Place the dough in a bowl, cover with a towel and place in a warm place for a half an hour/45 minutes. (Another option is to place in a stove that offers a ‘warming’ option, place the bowl covered with a damp towel for about a ½ hr-45 minutes).
In the meantime, combine all the meat stuffing ingredients in a bowl and set aside until ready to use.
When the dough is ready, cut into three or four evenly sized balls. Keep the remaining balls of dough covered with a damp towel. On a lightly floured surface, begin to flatten and roll out one ball at a time until it’s very thin. Cut the dough to produce 1 inch rounds, (this can be done with a cutter or a clean small cap of a bottle)
Place a small amount of meat stuffing on the circle of dough (the amount should not be overflowing). Fold the dough over the mixture and close by pinching the outside edges together. Bring the two ends/corners together, pinch and then tuck under the back of the dumpling or another way would be to roll one edge to the next and tuck the remaining side under the dumpling. However, you manage to produce a small dumpling, should be fine and resemble what’s in the picture. Place each dumpling on a lightly greased baking sheet. Continue until finished with the remaining dough.
Place the filled cookie sheet[s] in a pre-heated oven of 350F for about 15 to 20 minutes until the dumplings are slightly golden and remove. (You can check the readiness by breaking open a dumpling.) Set aside to cool. You can then continue on with rest of the recipe or freeze the dumplings in a freezer bag, (would suggest no longer than a month, however use your own judgment).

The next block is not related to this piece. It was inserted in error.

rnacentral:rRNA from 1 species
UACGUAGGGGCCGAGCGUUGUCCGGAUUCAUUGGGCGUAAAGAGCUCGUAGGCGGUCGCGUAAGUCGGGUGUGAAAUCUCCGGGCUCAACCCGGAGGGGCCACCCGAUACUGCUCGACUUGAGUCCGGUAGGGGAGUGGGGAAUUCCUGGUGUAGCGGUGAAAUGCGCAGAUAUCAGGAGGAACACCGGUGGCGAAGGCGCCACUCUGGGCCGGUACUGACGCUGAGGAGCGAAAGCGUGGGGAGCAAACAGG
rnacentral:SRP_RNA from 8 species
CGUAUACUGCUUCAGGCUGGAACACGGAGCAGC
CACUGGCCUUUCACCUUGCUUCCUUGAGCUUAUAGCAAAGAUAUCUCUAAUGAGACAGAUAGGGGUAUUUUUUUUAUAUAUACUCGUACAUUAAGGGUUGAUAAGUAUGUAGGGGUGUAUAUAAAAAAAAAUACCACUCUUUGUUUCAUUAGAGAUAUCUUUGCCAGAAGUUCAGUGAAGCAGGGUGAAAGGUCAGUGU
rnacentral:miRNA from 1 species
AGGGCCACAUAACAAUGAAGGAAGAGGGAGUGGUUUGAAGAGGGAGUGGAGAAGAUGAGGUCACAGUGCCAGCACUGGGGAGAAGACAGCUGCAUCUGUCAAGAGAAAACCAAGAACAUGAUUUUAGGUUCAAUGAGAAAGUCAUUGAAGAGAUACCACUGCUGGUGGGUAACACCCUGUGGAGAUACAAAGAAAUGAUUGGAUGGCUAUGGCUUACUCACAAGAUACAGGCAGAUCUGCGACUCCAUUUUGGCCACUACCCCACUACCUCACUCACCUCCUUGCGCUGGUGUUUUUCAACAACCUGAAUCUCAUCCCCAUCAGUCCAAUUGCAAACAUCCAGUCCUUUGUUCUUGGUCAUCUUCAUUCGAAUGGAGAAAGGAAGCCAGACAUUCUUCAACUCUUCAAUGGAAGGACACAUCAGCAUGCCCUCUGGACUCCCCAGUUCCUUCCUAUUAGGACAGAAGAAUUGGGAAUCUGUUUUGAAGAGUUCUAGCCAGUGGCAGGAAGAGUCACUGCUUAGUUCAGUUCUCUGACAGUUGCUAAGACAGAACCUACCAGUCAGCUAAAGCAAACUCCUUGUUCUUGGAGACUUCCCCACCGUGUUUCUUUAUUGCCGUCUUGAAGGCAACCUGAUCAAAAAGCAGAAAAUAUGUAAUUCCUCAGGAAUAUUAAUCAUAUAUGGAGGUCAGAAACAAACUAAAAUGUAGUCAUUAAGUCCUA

To Complete the Shish Barak:
Prepare the rice of your choice, set to the side. However, if you are making the traditional Arabic pilaf (made with vermicelli noodles), soak the rice for a few hours prior with cold water, rinse then drain. Break a handful of vermicelli noodles into smaller pieces, and then brown in oil over medium heat in a saucepan. Add rice and water (it should come to slightly over the rice), stir together and cook over medium heat and bring to a boil, cover and continue to simmer for another 20 minutes. Set aside and allow water to fully absorb.
Roast two garlic cloves, crush, then set to the side.
To prepare the Ziyad Jameed Yogurt, follow the directions as noted on the box; Shake well before opening. Cut open as illustrated on the box. Mix 1 cup Ziyad soup starter with 1 ½ cups of hot meat broth (In the past I have used both Vegetable broth and Chicken broth). Once finished. Stir in the crushed garlic cloves and add the baked dumplings; (optional) add 1 tbsp of lemon juice or citric acid (for slight sourness) and continue to cook on low heat for about 15-20 minutes until hot and flavors are incorporated. Serve with warm cooked rice. Enjoy!
Note: If you plan to reheat the yogurt sauce, reheat slowly over medium heat to prevent burning.
(For more information of Middle Eastern food recipes, visit www.Ziyad.com.)